hypersthene


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hy·per·sthene

 (hī′pər-sthēn′)
n.
A green, brown, or black splintery, cleavable pyroxene mineral, essentially (Fe,Mg)2Si2O6.

[French hypersthène : hyper-, extreme (from Greek huper-; see hyper-) + Greek sthenos, strength; see segh- in Indo-European roots.]

hy′per·sthen′ic (-thĕn′ĭk) adj.

hypersthene

(ˈhaɪpəˌsθiːn)
n
(Minerals) a green, brown, or black pyroxene mineral consisting of magnesium iron silicate in orthorhombic crystalline form. Formula: (Mg,Fe)2Si2O6
[C19: from hyper- + Greek sthenos strength]
hypersthenic adj

hy•per•sthene

(ˈhaɪ pərsˌθin)

n.
a mineral of the pyroxene group, magnesium-iron silicate, (Mg, Fe)SiO3.
[1800–10; hyper- + Greek sthénos strength, might]
hy`per•sthen′ic (-ˈθɛn ɪk) adj.
References in periodicals archive ?
Diogenites, which formed in magma chambers deep in Vesta's crust, are composed mostly of orthopyroxene and hypersthene, with smaller amounts of olivine, plagioclase, troilite, and chromite.
Caption: Figure 2: Geological map of the study area ([5] E: 1/1000000): 1, anatexite granite; 2, schist; 3, mica schist; 4, syenite; 5, tray basalt; 6, syn-tectonic granite (Monzonitic, discordant with biotite); 7, anatexite or migmatite with biotite); 8, embrechite gneiss; 9, Upper gneiss (grenatifere with two micas); 10, quartzite (Lom group, Mbalmayo-Bengbis, and Ayos); 11, Sedimentary formation of cretaceous; 12, upper mica schist with chlorite (Poli group); 13, low gneiss (with biotite, amphibole, pyroxene, sillimanite and hypersthene); 14, amphibolite (para- and ortho-: greenstones); 15, pelites; 16, post-tectonic granite (microgranite); 17, calcoalkaline orthogneiss.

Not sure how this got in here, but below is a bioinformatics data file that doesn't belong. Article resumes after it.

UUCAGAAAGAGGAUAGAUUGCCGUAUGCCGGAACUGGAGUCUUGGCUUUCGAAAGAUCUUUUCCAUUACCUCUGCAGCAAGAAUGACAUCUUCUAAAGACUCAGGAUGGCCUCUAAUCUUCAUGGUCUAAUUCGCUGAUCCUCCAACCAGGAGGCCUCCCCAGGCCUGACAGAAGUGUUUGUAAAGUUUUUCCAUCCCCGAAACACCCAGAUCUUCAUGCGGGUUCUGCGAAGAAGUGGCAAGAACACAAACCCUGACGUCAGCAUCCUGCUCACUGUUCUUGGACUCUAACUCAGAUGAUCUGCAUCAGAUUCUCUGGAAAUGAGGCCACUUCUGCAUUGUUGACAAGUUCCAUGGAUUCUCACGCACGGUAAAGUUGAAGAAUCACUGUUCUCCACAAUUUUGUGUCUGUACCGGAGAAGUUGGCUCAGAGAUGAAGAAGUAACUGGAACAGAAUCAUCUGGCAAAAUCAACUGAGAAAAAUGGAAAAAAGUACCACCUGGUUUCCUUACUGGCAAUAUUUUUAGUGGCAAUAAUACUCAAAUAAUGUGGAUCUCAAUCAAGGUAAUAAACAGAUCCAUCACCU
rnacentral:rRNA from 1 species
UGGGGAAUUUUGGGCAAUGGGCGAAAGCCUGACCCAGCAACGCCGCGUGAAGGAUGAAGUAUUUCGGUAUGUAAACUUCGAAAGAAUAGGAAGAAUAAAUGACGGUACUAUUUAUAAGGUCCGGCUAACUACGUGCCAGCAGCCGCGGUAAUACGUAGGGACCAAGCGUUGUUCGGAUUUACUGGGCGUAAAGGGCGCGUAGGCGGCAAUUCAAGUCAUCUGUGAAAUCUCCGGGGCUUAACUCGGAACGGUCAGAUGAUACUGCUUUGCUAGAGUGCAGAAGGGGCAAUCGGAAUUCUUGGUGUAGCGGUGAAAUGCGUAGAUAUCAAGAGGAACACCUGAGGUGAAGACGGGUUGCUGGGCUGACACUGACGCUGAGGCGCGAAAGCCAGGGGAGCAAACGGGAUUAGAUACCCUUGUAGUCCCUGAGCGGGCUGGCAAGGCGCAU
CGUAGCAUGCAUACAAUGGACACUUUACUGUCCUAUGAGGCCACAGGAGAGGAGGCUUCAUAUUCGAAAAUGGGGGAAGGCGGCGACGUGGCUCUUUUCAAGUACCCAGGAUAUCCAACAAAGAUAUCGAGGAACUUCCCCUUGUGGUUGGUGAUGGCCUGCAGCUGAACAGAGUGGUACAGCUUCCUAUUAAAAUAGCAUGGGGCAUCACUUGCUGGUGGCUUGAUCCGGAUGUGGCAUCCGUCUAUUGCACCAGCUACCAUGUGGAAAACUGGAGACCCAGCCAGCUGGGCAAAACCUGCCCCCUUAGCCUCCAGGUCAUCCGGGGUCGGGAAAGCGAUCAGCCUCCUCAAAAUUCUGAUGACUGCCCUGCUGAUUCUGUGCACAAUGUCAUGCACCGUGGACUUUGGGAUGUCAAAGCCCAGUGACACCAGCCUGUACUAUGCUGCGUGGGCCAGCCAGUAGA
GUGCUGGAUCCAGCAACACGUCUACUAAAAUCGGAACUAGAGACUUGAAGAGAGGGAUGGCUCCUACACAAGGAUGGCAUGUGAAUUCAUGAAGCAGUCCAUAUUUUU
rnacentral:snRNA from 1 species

Name 1 Carbuncle 2 K feldspar 3 Albite 4 Tektite 5 Magnetite 6 Demantoid 7 Oolitic hematite 8 Pink pyroxene 9 Idocrase 10 Black hematite 11 Biotite 12 Hornblende 13 Calcite 14 Labradorite 15 Magnesite 16 Rhodonite 17 Reniform hematite 18 Banded siliceous rocks 19 Diopside 20 Selenite 21 Alabaster 22 Anhydrite 23 Moonstone 24 Barite 25 Hypersthene Table 2: Emission lines for classification based on major elements from geological samples.
Pyroxene is generally hypersthene normative (23.38-24.33%) with lesser normative composition of diopside (3.64-8.24%).
Phenocrysts of orthopyroxenes are represented by hypersthene. They form euhedral to subhedral colourless crystals of columnar shape, which are partly grouped in small clusters together with plagioclases.
The normative average of these nine samples is quartz 32.3 %, corundum 2.66 %, orthoclase 18.95 %, albite 22.32 %, anorthite 12.2 %, hypersthene 7.06 %, magnetite 1.38 %, ilmenite 1.03 %, and apatite 0.28 %.
This fall was described by Ambrogio Soldani (1736-1808) and the meteorites were once known as "soldanites" or "giovannites." They are olivine and hypersthene chondrites.
Compared to other granodiorite, tonalite and diorite porphyries of the Moldanubian Zone of the Bohemian Massif (Nemec 1970, 1974), granodiorite porphyries from the eastern margin of the Klenov massif have lower content of normative quartz (8.5-10.6 %), higher content of normative hypersthene (8.1-16.6%) and complete absence of normative corundum.
It is characterized as a Plinian eruption, of explosive power and with a widely dispersed rhyodacite ash (Hanson, 1965) composed of glass, plagioclase, hornblende, hypersthene, and magnetite (Lerbekmo and Campbell, 1969).
Na2O + K2O (8.8 wt%) and contains small amounts of diopside acmite and hypersthene in the CIPW norms that are dominated by albite quartz and orthoclase.